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The Power of “If:” 7 Cloud App Policies That Will Meaningfully Reduce Your Risk

Feb 04 2015
Box Security
Cloud App Security
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Dropbox Security
Google Drive Encryption
Healthcare Data Breach
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I just returned from a short trip to see a number of our east coast customers. One of the first things I ask when we sit down together is “Would you mind if we took a look at your Netskope tenant together?” (This is the best way to learn how they’re using the product, the value they’re getting, and where they’re missing out.)

Here are seven useful policies that our customers have set that have had a meaningful impact on cloud risk. Most are applicable across a broad swath of industries. The one thing these policies have in common? They each have an “if.” Here’s what I mean:

  1. Posting in social media
    A large money management firm wants to protect against fund managers touting their stocks on Twitter, as well as prevent any user from posting about the firm. Did they block access to social media? No! They want users to be able to research companies and industries, and social media is a powerful and efficient medium to do so. Since the real risk is posting, the company allows social media but blocks the “post” activity.
  2. Downloading from vulnerable apps
    Some cloud apps may take a while to remediate vulnerabilities but may be too valuable to the company to block entirely. Rather than block the app, one company blocks the “download” activity if the app is vulnerable and the file being downloaded is an executable.
  3. Sharing outside of the company
    A private equity firm is concerned about proprietary data being shared outside of the firm. The organization has hundreds of apps that enable sharing, such as cloud storage/enterprise file sync and share. Despite the risk, these apps are indispensible for users to get their jobs done. Rather than block the apps, the firm blocks the “share” activity if the recipient is outside of the corporate domain.
  4. Editing in finance apps
    One company has brought on a handful of finance and accounting apps as part of its cloud strategy but is concerned about Sarbanes-Oxley compliance. The company needs to monitor and limit privileges in those apps that are either a financial system of record or integrate with a system of record. In addition to monitoring all user and administrator activity in those apps, the company prevents “edit” and “delete” activities (those activities that modify results) in finance apps for all but a few authorized users.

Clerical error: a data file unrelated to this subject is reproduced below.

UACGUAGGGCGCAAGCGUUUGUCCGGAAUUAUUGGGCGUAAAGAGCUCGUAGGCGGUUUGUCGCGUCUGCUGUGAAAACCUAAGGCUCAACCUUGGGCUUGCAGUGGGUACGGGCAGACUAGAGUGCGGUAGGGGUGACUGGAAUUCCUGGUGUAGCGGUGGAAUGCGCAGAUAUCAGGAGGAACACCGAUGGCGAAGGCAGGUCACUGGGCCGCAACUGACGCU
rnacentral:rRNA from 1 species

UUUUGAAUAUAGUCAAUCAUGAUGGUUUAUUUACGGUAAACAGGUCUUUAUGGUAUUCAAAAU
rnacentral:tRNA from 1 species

5. Uploading PHI
    A healthcare organization has deployed a few cloud apps for users across the organization to help them be more efficient and collaborative. However, to comply with HIPAA, the company needs to keep personal health information on-premises. Rather than block the cloud apps, or even block the “upload” activity, the company blocks the “upload” activity if the content matches its PHI content profile. Further more, it coaches users on why the upload was blocked, and will allow the content to be re-uploaded if the PHI is removed.
  6. Uploading to unsanctioned apps
    An insurance company has invested in and sanctioned a cloud storage app for use across the company. However, users continue to upload content to unsanctioned apps, some of which lack important enterprise security, auditability, and business continuity features. The company knows that people need to be able to use those apps to interface with partners or conduct some personal activities while at work. Rather thank block the unsanctioned apps, they block the “upload” activity for certain business content across the category, except for the sanctioned app.
  7. Preventing public access to “confidential” data
    Many organizations use Netskope Introspection to e-discover content that is “at rest” inside their sanctioned app such as Box, Dropbox, Egnyte, Google Workspace, Microsoft Office 365, or Salesforce. They discover and classify sensitive content such as PHI, PCI, or even “confidential.” Of all discovered sensitive content, one-fourth of files are shared with one or more people outside of the company. Organizations can take non-mutually exclusive actions such as download, quarantine, or encrypt the sensitive content. One organization decided to keep one type of “confidential” content in the app and continue to let internal users have access to it, but revoke access to that particular content from users outside of the company.

There you have it. Seven policies that companies are using to reduce risk while still enabling people to safely use cloud apps. All because of the power of “if.”

What “if” policies are making a difference for your organization? Tell us here or on #cloudpolicy.

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